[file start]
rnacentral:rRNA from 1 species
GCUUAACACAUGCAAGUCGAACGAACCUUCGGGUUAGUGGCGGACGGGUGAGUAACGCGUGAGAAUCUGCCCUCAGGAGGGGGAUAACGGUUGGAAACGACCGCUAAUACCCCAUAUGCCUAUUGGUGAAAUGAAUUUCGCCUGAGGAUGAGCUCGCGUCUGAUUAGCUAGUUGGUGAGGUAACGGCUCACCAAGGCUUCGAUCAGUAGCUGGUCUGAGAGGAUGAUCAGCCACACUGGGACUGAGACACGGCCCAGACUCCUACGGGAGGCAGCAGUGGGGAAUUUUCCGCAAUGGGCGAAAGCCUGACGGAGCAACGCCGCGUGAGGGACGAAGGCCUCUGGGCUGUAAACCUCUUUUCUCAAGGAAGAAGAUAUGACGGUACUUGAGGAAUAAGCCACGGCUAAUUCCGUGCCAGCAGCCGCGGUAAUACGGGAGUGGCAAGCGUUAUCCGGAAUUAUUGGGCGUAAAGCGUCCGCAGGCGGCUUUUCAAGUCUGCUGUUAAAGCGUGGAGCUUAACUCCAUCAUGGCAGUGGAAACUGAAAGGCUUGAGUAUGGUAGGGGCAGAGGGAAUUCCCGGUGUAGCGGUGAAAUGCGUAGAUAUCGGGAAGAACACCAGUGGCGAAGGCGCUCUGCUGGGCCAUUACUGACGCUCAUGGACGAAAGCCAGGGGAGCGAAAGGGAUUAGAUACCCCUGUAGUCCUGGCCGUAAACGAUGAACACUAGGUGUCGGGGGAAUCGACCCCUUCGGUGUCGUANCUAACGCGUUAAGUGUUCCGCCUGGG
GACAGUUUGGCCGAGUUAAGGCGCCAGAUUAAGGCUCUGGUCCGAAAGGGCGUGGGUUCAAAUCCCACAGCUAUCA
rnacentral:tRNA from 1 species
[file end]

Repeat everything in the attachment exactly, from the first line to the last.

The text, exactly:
rnacentral:rRNA from 1 species
GCUUAACACAUGCAAGUCGAACGAACCUUCGGGUUAGUGGCGGACGGGUGAGUAACGCGUGAGAAUCUGCCCUCAGGAGGGGGAUAACGGUUGGAAACGACCGCUAAUACCCCAUAUGCCUAUUGGUGAAAUGAAUUUCGCCUGAGGAUGAGCUCGCGUCUGAUUAGCUAGUUGGUGAGGUAACGGCUCACCAAGGCUUCGAUCAGUAGCUGGUCUGAGAGGAUGAUCAGCCACACUGGGACUGAGACACGGCCCAGACUCCUACGGGAGGCAGCAGUGGGGAAUUUUCCGCAAUGGGCGAAAGCCUGACGGAGCAACGCCGCGUGAGGGACGAAGGCCUCUGGGCUGUAAACCUCUUUUCUCAAGGAAGAAGAUAUGACGGUACUUGAGGAAUAAGCCACGGCUAAUUCCGUGCCAGCAGCCGCGGUAAUACGGGAGUGGCAAGCGUUAUCCGGAAUUAUUGGGCGUAAAGCGUCCGCAGGCGGCUUUUCAAGUCUGCUGUUAAAGCGUGGAGCUUAACUCCAUCAUGGCAGUGGAAACUGAAAGGCUUGAGUAUGGUAGGGGCAGAGGGAAUUCCCGGUGUAGCGGUGAAAUGCGUAGAUAUCGGGAAGAACACCAGUGGCGAAGGCGCUCUGCUGGGCCAUUACUGACGCUCAUGGACGAAAGCCAGGGGAGCGAAAGGGAUUAGAUACCCCUGUAGUCCUGGCCGUAAACGAUGAACACUAGGUGUCGGGGGAAUCGACCCCUUCGGUGUCGUANCUAACGCGUUAAGUGUUCCGCCUGGG
GACAGUUUGGCCGAGUUAAGGCGCCAGAUUAAGGCUCUGGUCCGAAAGGGCGUGGGUUCAAAUCCCACAGCUAUCA
rnacentral:tRNA from 1 species